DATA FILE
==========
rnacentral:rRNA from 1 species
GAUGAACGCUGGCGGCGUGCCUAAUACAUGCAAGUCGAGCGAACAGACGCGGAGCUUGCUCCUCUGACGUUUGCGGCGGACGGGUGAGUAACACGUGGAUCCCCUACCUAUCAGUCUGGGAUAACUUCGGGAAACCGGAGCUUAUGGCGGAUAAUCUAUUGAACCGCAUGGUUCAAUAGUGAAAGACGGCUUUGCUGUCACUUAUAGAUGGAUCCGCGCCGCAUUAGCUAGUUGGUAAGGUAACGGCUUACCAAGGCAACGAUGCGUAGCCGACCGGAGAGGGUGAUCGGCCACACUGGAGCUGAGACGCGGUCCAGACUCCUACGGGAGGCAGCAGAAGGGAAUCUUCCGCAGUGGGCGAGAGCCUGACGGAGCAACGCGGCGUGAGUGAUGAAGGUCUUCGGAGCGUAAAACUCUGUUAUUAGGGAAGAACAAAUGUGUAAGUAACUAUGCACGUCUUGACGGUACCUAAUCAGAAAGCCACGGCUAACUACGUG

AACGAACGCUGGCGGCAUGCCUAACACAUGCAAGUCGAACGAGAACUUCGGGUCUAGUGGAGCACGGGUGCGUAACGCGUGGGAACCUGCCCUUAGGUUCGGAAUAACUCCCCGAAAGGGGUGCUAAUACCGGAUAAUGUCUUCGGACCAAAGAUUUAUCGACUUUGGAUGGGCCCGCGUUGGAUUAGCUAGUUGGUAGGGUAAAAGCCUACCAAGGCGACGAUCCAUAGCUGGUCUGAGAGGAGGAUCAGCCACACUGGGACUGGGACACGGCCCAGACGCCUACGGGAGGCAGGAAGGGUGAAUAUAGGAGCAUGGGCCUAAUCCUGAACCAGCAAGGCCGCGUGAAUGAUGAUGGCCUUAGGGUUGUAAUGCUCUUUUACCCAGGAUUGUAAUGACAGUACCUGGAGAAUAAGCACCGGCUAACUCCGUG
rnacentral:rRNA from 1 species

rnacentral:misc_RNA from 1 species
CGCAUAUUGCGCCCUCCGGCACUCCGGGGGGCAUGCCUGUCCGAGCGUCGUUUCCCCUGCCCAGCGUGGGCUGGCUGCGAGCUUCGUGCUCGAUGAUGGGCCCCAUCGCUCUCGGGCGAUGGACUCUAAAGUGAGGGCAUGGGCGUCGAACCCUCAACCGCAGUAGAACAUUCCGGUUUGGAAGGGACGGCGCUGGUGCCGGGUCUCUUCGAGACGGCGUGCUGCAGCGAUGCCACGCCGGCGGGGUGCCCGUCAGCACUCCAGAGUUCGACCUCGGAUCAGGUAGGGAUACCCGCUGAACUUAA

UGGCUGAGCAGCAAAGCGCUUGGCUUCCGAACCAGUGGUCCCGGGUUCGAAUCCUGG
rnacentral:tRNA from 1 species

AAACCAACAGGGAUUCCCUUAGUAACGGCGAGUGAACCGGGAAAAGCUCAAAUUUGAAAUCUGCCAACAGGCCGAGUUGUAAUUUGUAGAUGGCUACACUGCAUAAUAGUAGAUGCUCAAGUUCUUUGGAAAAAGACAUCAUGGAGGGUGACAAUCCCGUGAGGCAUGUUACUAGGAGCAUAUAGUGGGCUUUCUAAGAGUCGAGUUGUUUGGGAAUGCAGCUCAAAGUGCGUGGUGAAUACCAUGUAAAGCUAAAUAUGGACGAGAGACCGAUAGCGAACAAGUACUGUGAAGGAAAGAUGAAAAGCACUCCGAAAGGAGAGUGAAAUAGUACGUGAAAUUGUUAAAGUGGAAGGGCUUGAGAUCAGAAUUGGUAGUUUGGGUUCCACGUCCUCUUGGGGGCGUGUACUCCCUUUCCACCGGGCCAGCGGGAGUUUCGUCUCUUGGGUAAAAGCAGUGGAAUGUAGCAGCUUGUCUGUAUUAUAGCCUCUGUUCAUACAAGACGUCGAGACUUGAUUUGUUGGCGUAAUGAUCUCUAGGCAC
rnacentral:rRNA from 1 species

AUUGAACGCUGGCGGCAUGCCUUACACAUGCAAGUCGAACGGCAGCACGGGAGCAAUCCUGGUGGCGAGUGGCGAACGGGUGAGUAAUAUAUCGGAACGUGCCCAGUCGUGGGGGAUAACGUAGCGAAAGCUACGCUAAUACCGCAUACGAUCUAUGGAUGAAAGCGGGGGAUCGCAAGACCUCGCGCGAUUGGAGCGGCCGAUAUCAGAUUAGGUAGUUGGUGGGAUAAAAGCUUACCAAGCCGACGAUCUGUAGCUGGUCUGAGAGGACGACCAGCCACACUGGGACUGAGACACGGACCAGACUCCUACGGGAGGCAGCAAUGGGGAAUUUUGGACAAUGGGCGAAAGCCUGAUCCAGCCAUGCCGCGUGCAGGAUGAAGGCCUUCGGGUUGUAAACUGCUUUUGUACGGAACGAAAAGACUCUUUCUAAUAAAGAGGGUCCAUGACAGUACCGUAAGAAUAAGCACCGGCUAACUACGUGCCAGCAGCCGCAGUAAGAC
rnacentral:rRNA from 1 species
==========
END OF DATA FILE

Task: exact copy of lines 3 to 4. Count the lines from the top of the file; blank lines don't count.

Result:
AACGAACGCUGGCGGCAUGCCUAACACAUGCAAGUCGAACGAGAACUUCGGGUCUAGUGGAGCACGGGUGCGUAACGCGUGGGAACCUGCCCUUAGGUUCGGAAUAACUCCCCGAAAGGGGUGCUAAUACCGGAUAAUGUCUUCGGACCAAAGAUUUAUCGACUUUGGAUGGGCCCGCGUUGGAUUAGCUAGUUGGUAGGGUAAAAGCCUACCAAGGCGACGAUCCAUAGCUGGUCUGAGAGGAGGAUCAGCCACACUGGGACUGGGACACGGCCCAGACGCCUACGGGAGGCAGGAAGGGUGAAUAUAGGAGCAUGGGCCUAAUCCUGAACCAGCAAGGCCGCGUGAAUGAUGAUGGCCUUAGGGUUGUAAUGCUCUUUUACCCAGGAUUGUAAUGACAGUACCUGGAGAAUAAGCACCGGCUAACUCCGUG
rnacentral:rRNA from 1 species